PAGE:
There was a lot for Assassin’s Creed fans to be excited about this week at E3, as Unity took the stage in multiple presentations with gameplay footage and cinematic trailers that were both equally stunning. The next installment in the blockbuster stealth action franchise will incorporate a new four-player co-op mode that gives players a chance to have a social experience while working through an Assassin’s Creed narrative like never before.
Both the cinematic and gameplay trailer kept the focus on the quartet of assassin’s and how the small band of trained killers are able to quietly charge into battle together. Despite the beautifully-rendered new-gen graphics and jaw-dropping CG cinematics, there was one noticeable omission from Unity’s presentation: a female playable character.
Although fans were very excited about the new possibilities that the co-op gameplay will bring to the table, it didn’t go unnoticed that there were so many dudes on the dance-floor and not a single playable female. It didn’t take long for the reporters at E3 to question Ubisoft reps about the absence of a female assassin in the gameplay footage and the developer confirmed that Unity will feature no playable females.
It seems like a strange choice considering the franchise’s recent moves in the right direction. Black Flag had the industry standard average white man model for its protagonist, but Liberation boasted an awesome female playable character, as did the multiplayer component of the most recent releases. Assassin’s Creed also stands out as having one of the most ethnically diverse range of protagonists out of any of the leading video game franchises, which has gone a long way towards making each new ‘era’ feel unique.
The step backwards for Unity is definitely a big disappointment to gamers who would like to see the other half of the world’s population represented in the gaming world and it seems like Ubisoft is starting to get the hint that a vocal minority of fans are disappointed in the choice to leave out a playable female character. Technical director James Therien spoke to VideoGamer about the decision to stick with four playable male assassins.
“It was on our feature list until not too long ago, but it’s a question of focus and production. So we wanted to make sure we had the best experience for the character. A female character means that you have to redo a lot of animation, a lot of costumes. It would have doubled the work on those things… And I mean it’s something the team really wanted, but we had to make a decision. It’s unfortunate, but it’s a reality of game development.”
The excuse basically boils down to an issue of resources. The team at Ubisoft claims that it would have really liked to produce a playable female character for the new-gen game, but it wasn’t willing to divert money or time to making that happen. With the recent trend in the Assassin’s Creed franchise to rush out a new highly-polished game every year, it isn’t surprising that the team didn’t want to slow things down to create an additional character model, but having a more diverse band of characters would certainly have made for a more interesting-looking team. At the very least we wouldn’t have had to rely on their cloak color to tell them apart.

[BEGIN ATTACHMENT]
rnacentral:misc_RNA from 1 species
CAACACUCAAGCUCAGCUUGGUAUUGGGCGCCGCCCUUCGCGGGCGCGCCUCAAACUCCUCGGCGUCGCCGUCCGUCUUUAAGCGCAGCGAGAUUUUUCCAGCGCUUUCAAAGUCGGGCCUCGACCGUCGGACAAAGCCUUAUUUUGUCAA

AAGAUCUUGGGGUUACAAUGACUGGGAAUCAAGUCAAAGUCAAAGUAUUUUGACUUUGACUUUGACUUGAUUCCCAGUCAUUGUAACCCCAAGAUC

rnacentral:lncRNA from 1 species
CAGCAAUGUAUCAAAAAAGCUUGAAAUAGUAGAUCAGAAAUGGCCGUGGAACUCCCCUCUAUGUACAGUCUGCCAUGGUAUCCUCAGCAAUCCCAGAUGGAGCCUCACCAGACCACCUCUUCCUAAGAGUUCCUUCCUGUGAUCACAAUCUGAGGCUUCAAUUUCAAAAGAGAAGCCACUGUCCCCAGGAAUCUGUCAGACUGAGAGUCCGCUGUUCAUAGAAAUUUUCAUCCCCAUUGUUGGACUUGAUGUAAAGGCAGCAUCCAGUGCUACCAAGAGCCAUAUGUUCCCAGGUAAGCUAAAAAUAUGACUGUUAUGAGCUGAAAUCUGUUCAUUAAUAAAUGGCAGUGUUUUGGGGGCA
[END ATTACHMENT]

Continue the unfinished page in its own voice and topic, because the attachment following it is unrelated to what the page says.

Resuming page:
Many gamers are also unimpressed by the wording that Therien chose when talking about female protagonists. From a development standpoint, we understand why he decided to refer to the creation of a playable female model as a ‘feature,’ but there’s no denying that the it implies that male is the default and anything else is just something extra to include if time and money allows. It’s worth noting one of the most famous assassins of the French Revolution was a woman called Charlotte Corday, who stabbed Jacobin revolutionary Jean-Paul Marat in the chest as he lay in a bath.
The reporter at VideoGamer was among those unhappy with Therien’s response and he questioned the issue of resource management. After all, Unity is a massive game for Ubisoft, being developed by nine full teams for the last couple years. It doesn’t seem like an unreasonable expectation to see the female population get some representation when there are four playable characters to go around.
“Again, it’s not a question of philosophy or choice in this case at all I don’t really [inaudible] it was a question of focus and a question of production…
“Yes, we have tonnes of resources, but we’re putting them into this game, and we have huge teams, nine studios working on this game and we need all of these people to make what we are doing here.”
Good intentions or not, at the end of the day Ubisoft is delivering a gorgeous game that under-represents a large portion of the video game demographic and the world’s population. We have no doubt that Unity will still be an incredible commercial success, and likely even a great step forward in the franchise in terms of gameplay and graphics, but it will still be a disappointment to many gamers on a different level.
While the conversation about female representation in video games continues to grow, we hope that Ubisoft and the other developers are listening and taking notes. We should point out that although Assassin’s Creed is taking the brunt of the abuse on forums and Twitter, the lack of playable female characters at the rest of E3 was noticeable across the board. The crowd went wild when we saw the new super-powered playable female character in the upcoming inFamous DLC, Lara Croft is making another comeback in Rise of the Tomb Raider and there were some new teases for Mirror’s Edge 2, but for the most part the brown-haired white guy with stubble still reigns supreme.
Were you disappointed by the lack of a playable female character in Unity? How about in other games at E3? Let us know in the comments.
Follow Denny on Twitter @The_DFC.